|Arthritis of three or more joint areas
|Arthritis of hand joints
|Serum rheumatoid factor
MCP, metacarpophalangeal; MTP, metatarsophalangeal; PIP, proximal interphalangeal.
Adapted with permission from Kirkham BW, Lassere MN, Edmonds JP, et al: Synovial membrane cytokine expression is predictive of joint damage progression in rheumatoid arthritis: a two-year prospective study (the DAMAGE study cohort). Arthritis Rheum 2006;54:1122-1131.
Generally, signs and symptoms of RA begin insidiously and are additive over weeks to months. They commonly include fatigue, malaise, generalized stiffness, and generalized arthralgias or myalgias. Synovitis usually develops gradually, often involving the hands, wrists, knees, or feet, often symmetrically. However, in 10% to 15% of patients, the onset of disease is explosive, with polyarthritis, fever, lymphadenopathy, and splenomegaly developing over days to weeks.2,8 It is imperative in patients with the latter manifestation to consider other common causes of acute polyarthritis, such as parvovirus infection.
Evidence of articular disease in RA can appear as swelling, tenderness, warmth, and painful motion. The outward appearance of the joints does not necessarily correlate with the amount of active synovitis or pain expressed by the patient. Patients often complain of morning stiffness, a characteristic of inflammatory arthritis. Stiffness, known as gelling, can also manifest after brief periods of inactivity. The joints most often involved in RA include the proximal interphalangeal (PIP) and metacarpophalangeal (MCP) joints, wrists, elbows, shoulders, knees, ankles, and subtalar and metatarsophalangeal (MTP) joints. The cervical spine is the only characteristic axial location, and atlantoaxial subluxation is a known complication. Inadequately treated articular inflammation progresses to weakening or destruction of supportive structures, including the associated joint ligaments, tendons, cartilage, and bone. In addition, the pain associated with ongoing synovitis often leads to decreased motion at the affected joints. This, in addition to the ongoing pathologic tissue changes, results in loss of range of motion or, at its most extreme, soft-tissue contractures, fibrosis, and bony ankylosis.
One of the most common extra-articular manifestations of RA is the formation of rheumatoid nodules. This is usually associated with the presence of RF, and it occurs most often in patients with high titers of RF. Rheumatoid nodules develop in 20% to 35% of patients, most often on extensor surfaces and often in response to repetitive trauma.2 However, they can develop at any location and have rarely been identified within the pleura or meninges. Rheumatoid nodules are identified definitively by biopsy, which reveals an outer zone of granulation tissue, a mid-zone of palisading macrophages, and a central zone of necrotic material.9
Vasculitis can also occur as an extra-articular manifestation of RA. This most often manifests as leukocytoclastic vasculitis, which may be an isolated skin finding. With involvement of medium-sized vessels, which is less common, any organ system may be involved, and the disorder may be organ or life threatening. Patients should be carefully assessed for other possible causes (such as infection) before vasculitis is attributed solely to RA. Rheumatoid vasculitis has been associated with a variety of predisposing factors including male sex, high RF titers, erosive joint disease, other extra-articular disease, and glucocorticoid (GC) therapy.2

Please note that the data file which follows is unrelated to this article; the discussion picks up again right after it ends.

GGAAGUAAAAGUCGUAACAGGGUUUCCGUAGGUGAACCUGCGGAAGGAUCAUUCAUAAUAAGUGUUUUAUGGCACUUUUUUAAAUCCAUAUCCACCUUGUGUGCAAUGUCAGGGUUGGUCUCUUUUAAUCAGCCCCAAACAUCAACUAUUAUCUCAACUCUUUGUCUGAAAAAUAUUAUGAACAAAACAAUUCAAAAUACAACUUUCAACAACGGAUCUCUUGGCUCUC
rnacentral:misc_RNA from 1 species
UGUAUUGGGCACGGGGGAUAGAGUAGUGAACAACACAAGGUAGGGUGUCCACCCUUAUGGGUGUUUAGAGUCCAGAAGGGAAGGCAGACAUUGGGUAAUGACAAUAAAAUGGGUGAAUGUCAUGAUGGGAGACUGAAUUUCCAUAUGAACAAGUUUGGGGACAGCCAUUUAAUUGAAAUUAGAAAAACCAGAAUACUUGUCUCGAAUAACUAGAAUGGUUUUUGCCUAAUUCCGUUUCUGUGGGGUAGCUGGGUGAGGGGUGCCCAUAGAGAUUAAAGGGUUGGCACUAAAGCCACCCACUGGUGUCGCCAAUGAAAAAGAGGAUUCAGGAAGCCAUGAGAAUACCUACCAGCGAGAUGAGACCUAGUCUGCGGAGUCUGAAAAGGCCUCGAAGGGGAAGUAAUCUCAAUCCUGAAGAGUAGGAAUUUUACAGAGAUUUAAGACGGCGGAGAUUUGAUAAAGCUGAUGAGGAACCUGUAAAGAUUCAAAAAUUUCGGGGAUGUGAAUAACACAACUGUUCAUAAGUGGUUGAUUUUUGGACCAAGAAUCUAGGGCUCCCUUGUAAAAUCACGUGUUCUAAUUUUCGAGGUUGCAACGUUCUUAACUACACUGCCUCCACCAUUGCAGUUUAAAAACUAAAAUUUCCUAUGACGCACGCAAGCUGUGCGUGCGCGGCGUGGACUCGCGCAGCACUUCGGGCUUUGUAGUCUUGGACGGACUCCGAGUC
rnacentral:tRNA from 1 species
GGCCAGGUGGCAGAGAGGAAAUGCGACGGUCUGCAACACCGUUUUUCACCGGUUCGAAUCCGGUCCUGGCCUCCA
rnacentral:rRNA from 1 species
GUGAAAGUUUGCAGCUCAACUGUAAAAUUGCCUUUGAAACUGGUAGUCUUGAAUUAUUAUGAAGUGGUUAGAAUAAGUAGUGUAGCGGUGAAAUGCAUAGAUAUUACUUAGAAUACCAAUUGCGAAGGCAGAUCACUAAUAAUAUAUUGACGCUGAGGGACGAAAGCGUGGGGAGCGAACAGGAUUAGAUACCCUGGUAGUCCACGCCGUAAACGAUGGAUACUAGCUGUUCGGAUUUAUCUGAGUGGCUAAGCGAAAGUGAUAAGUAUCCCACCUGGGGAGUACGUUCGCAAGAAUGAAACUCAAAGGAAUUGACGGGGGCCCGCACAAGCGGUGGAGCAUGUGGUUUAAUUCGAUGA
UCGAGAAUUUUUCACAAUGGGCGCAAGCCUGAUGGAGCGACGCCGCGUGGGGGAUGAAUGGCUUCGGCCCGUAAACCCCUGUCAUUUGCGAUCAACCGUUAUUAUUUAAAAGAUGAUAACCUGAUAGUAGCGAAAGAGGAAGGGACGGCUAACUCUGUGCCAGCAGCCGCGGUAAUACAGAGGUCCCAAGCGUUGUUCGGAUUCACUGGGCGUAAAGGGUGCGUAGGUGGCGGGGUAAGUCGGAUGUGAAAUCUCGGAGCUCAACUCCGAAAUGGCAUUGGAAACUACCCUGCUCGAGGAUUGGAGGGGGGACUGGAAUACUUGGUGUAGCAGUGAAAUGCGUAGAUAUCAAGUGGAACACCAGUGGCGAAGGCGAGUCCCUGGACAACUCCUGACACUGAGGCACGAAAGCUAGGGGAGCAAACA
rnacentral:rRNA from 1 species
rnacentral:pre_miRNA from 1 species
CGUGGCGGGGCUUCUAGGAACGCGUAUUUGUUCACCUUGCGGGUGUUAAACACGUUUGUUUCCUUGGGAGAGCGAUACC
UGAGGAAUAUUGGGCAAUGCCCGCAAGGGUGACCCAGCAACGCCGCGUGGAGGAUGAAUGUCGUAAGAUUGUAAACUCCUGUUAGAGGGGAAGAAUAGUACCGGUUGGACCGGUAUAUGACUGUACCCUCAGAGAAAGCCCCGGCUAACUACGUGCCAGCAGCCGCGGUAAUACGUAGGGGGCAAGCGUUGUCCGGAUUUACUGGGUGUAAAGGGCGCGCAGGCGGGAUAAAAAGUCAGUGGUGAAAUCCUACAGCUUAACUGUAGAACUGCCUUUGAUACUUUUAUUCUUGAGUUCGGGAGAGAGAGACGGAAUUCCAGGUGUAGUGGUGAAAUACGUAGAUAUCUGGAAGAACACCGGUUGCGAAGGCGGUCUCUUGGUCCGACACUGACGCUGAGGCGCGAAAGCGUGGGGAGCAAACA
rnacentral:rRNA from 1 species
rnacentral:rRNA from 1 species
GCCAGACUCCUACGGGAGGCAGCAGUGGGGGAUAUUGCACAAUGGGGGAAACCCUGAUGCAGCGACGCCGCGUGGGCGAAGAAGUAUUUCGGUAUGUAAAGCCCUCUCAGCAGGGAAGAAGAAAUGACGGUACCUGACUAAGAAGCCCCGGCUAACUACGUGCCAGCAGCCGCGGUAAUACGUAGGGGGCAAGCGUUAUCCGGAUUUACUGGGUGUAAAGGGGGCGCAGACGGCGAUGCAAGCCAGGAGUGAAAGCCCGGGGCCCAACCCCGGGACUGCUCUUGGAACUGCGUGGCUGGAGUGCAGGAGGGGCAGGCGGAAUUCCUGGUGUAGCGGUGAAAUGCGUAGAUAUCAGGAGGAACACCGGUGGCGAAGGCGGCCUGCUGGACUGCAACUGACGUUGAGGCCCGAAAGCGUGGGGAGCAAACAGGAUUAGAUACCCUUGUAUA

Ocular manifestations of RA are diverse and range from mild, asymptomatic findings to aggressive, vision-threatening disease. RA is often associated with secondary Sjögren's syndrome (keratoconjunctivitis sicca), which can manifest with eye dryness, foreign-body sensation in the eye, or photophobia. Both scleritis and episcleritis are associated with RA. Scleritis may be associated with severe corneal inflammation, leading to a corneal melt, or with scleromalacia perforans. Chronic inflammation, resulting in perturbation of the intraocular anatomy, can lead to glaucoma. Corticosteroid therapy can be an important factor in cataract formation.
The most common manifestation of pulmonary disease in RA is interstitial lung disease (ILD). The manifestation of RA-associated ILD often parallels that of idiopathic pulmonary fibrosis, often with similar imaging and histopathologic findings. Patients with severe RA or those who smoke are more likely to develop RA-associated ILD. Bronchiolitis obliterans organizing pneumonia has also been described in association with RA. Patients can present with cough, fever, dyspnea, and fatigue. This is a nonspecific entity that could also result from an unrelated process, such as infection. Biopsy is required to exclude other underlying causes. Nodular lung disease in RA can occur in both the pleura and lung parenchyma, with solitary or multiple lesions that can coalesce or cavitate. Diagnosis of RA-associated nodular lung disease requires biopsy. The histopathologic appearance of the lesion is that of a rheumatoid nodule. Evidence of pleural inflammation in RA patients is often noted at autopsy, but it is usually subclinical in life.12 Effusions are often exudative and characteristically have a low glucose concentration. It is important to remember that effusions associated with infectious processes often share these characteristics, mandating cultures to exclude infection.